Hyannis, MA. – May 11, 1944

Hyannis, Massachusetts – May 11, 1944 

     On the afternoon of May 11, 1944, navy Lieutenant George E. Orenge was piloting what the press described as a “navy torpedo bomber”, (Type unknown), over Cape Cod, Massachusetts, when the aircraft suddenly caught fire while in flight.  Being over a populated area, Lieutenant Orenge opted to stay with the plane, but was unable to direct it towards an open area, or to make it to Hyannis Airport.  The plane crashed on Barnstable Road about 200 yards from Main Street in the town of Hyannis.  In the process it struck an elm tree and broke in two, pitching Lieutenant Orenge, still strapped to his seat, from the cockpit.  As the aircraft came to rest and was consumed by flames, Lieutenant Orenge landed on the sidewalk in front of 62 Barnstable Road.   

     The homeowner of 62 Barnstable Road, Vernon Coleman, happened to be outside and witnessed the crash.  He later told a reporter from the Cape Cod Standard Times, “I looked up and saw the plane sort of wavering with the motor on fire.”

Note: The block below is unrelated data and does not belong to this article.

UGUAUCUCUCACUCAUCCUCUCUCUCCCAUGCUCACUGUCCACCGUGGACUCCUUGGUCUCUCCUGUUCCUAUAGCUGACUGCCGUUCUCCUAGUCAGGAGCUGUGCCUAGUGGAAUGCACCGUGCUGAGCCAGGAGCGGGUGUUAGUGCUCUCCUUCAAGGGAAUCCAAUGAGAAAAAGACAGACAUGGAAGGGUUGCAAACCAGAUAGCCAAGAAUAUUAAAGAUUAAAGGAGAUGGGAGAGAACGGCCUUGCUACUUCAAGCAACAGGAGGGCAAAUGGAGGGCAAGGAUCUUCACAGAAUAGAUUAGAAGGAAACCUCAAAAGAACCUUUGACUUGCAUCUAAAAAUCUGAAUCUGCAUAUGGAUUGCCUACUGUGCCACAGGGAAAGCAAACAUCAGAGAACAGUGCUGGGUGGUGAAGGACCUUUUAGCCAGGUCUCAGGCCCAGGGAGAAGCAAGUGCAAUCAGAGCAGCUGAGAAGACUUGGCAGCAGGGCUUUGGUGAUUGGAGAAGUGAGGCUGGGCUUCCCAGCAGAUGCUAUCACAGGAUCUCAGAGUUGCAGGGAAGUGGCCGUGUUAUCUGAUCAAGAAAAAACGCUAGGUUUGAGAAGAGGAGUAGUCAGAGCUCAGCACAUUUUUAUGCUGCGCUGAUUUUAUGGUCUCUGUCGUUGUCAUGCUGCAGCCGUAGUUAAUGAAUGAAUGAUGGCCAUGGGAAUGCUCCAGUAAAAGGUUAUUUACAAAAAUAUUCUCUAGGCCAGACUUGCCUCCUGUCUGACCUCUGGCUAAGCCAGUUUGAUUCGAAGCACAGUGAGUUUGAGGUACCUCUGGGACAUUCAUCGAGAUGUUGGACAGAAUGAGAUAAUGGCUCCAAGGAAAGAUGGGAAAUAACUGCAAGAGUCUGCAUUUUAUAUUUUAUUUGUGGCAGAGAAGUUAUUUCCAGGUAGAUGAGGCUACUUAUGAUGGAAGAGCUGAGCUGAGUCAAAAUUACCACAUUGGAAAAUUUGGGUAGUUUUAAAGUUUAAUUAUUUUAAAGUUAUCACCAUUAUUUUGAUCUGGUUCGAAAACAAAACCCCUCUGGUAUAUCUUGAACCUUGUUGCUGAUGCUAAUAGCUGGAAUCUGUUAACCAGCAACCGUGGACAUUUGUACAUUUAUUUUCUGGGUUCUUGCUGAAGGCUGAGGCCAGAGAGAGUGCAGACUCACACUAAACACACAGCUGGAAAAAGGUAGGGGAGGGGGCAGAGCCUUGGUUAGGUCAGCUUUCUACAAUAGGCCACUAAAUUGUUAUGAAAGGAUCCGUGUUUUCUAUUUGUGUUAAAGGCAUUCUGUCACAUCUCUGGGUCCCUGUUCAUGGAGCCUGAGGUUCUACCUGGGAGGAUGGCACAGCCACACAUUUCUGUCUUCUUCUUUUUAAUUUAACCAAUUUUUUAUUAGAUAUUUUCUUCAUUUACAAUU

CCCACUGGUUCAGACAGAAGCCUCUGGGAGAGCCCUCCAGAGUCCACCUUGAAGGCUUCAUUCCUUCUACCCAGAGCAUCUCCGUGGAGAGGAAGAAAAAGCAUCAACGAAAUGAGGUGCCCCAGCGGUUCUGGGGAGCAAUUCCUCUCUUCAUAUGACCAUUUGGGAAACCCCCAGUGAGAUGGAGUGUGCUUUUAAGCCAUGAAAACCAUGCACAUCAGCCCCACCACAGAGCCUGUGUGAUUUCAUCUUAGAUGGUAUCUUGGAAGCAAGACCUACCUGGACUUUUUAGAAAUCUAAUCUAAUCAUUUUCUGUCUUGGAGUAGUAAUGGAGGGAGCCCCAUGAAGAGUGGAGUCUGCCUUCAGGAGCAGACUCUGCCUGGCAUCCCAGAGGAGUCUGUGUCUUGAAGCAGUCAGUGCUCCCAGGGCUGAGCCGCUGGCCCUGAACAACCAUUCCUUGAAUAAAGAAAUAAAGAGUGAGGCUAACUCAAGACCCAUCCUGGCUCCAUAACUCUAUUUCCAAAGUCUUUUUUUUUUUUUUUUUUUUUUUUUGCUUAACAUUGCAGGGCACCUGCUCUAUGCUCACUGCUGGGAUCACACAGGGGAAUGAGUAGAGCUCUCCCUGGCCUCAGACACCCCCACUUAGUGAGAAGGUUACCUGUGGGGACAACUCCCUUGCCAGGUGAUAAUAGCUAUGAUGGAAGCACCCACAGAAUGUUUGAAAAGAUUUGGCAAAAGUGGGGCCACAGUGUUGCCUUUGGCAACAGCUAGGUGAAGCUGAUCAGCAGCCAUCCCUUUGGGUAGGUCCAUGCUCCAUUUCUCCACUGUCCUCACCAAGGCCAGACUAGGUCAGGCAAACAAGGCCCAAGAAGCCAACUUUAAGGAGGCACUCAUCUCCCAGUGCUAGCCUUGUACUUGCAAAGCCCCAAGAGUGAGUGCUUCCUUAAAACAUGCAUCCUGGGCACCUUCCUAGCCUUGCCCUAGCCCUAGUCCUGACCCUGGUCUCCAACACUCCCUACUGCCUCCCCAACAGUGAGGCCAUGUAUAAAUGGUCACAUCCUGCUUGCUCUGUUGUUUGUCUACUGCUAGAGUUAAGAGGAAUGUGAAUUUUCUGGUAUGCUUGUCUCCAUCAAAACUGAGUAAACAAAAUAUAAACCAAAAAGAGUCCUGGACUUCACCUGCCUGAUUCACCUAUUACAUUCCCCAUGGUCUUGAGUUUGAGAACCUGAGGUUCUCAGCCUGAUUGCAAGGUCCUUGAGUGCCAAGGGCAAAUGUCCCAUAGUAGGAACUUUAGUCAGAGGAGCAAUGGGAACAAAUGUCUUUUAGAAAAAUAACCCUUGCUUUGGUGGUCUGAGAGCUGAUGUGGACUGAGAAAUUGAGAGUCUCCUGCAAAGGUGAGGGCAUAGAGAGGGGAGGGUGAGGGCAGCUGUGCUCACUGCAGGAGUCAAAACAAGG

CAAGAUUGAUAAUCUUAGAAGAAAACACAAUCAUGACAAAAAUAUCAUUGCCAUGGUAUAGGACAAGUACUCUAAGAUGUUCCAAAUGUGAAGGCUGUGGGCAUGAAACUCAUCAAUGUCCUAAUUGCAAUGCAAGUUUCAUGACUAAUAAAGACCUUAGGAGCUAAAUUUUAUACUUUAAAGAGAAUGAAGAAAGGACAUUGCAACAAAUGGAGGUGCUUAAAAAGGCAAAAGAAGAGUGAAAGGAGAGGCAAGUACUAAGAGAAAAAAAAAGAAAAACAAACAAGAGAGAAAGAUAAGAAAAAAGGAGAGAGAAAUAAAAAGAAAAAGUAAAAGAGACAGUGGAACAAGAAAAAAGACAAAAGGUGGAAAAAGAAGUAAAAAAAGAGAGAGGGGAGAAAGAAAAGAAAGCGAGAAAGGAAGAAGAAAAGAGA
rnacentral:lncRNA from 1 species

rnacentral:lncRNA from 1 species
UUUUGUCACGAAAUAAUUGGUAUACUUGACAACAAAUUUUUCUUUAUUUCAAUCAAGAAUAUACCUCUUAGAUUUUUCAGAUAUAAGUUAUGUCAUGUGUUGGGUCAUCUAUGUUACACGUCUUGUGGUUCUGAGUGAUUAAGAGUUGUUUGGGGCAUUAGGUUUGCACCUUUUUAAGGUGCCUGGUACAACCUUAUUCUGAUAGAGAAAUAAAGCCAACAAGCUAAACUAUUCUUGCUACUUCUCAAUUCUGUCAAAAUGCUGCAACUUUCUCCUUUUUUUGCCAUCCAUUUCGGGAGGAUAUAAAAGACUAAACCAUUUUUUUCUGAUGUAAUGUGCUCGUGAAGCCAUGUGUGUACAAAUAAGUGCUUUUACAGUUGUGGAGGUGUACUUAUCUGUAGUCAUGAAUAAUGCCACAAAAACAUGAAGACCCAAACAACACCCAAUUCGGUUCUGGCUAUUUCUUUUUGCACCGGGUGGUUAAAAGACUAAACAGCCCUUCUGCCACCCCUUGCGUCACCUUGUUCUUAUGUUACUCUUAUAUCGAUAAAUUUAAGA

Lieutenant Orenge was transported to Cape Cod Hospital, but remarkably, he’d only suffered some minor bumps, scrapes, and bruises. 

     It was also reported that he flew another aircraft later in the day. 

     This crash wasn’t the only one of Lieutenant Orenge’s  naval career.  On November 5, 1943, he was piloting an F6F-3 Hellcat, (Bu. No. 65895), when a tire blew out on landing at Quonset Point NAS in Rhode Island.  The aircraft went off the runway and struck a truck.  The aircraft needed extensive repairs, but Lieutenant Orenge suffered only minor injuries.

     Source: Cape Cod Standard Times, “Pilot Who Survives Hyannis crash, Goes Aloft Again”, May 12, 1944                 

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